A History of Search Engines
Today, search engines are a very big part of our daily lives. People use search engines to find out information, order their food, and access the websites they use to communicate with each other. This guide helps you learn more about search engines, where they came from, how they work, and what they will look like in the future.
How Do Search Engines Work?
There are three main processes that enable search engines to work: crawling, indexing, and ranking.
Search engines crawl the internet and look to sort or code all the content they find for any URL. Crawling is done by a team of robots, known as crawlers or spiders, which find and update search engines of new content and metadata. This content can be a webpage, image, video, or countless other formats.
This is the process whereby search engines store and organize the information they have found in the previous step.
Once the content has been crawled and indexed in a search engine’s database, they can begin the ranking process Pages are ranked in terms of relevance, authority, and quality to ensure users are always provided with the best appropriate answer to their query.
A Little History of Search Engines
- The first search engine was created in 1990 and was called Archie Query Form. Since there was only limited space, site listings were provided, but no content was available.
- In 1991 Tim Berners-Lee, the inventor of the World Wide Web, created the Virtual Library. This helped internet users find the URLs of different websites.
- In 1993 JumpStation was created; users saw a page’s title and header in search results for the first time.
- Yahoo! was launched in 1994. It was the first collection of webpages from across the internet.
- In 1996 Google BackRub was created; the idea behind this process was to rank websites for improved search results. This concept bought about by this idea is still used today as the backbone for ranking search engine results.
- Ask Jeeves was also created in 1996. The idea behind this search engine was to use human editors to respond to searches.
- In 1998 Google was officially launched.
- In 2004 Microsoft launched their new search engine, MSN.
Since the first engines were launched, the companies that created the services have focused on improving their platforms for users. This can come mostly in the form of increasing usability and search engine rankings.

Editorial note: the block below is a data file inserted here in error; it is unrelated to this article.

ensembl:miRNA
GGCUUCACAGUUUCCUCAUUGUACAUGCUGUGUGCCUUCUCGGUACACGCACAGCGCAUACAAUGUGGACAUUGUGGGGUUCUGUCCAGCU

The Future of Search Engines
Search engines’ current trends have moved away from providing a means for users to access ranked information from across the internet and move into specific search results. Some of the most innovative and useful search engines currently in operation are dedicated to specific search queries. Examples of specific search engines include:
- Octopart.com is a search engine designed for manufacturers, electricians, and tech gurus to find and compare materials.
- Artcyclopedia is a search engine that is dedicated to finding all images, articles, and gallery listings of any artist’s work.
- Ohmygodlol.com is a search engine designed to bring up humorous pictures from across the internet.
Search engines have evolved a great deal since the earliest examples in 1990. When it comes to the future of search engines, nothing is set in stone. As technology continues to evolve at a rapid pace, search engines are going to continue to offer more advanced solutions for users. As the adoption of smartwatches, smart speakers, and mobile phones become a bigger part of our lives, search engines will have to adapt to the change in user devices.
About the Author: James Daniels
James Daniels is a freelance writer, business enthusiast, a bit of a tech buff, and an overall geek. He is also an avid reader, who can while away hours reading and knowing about the latest gadgets and tech, whilst offering views and opinions on these topics.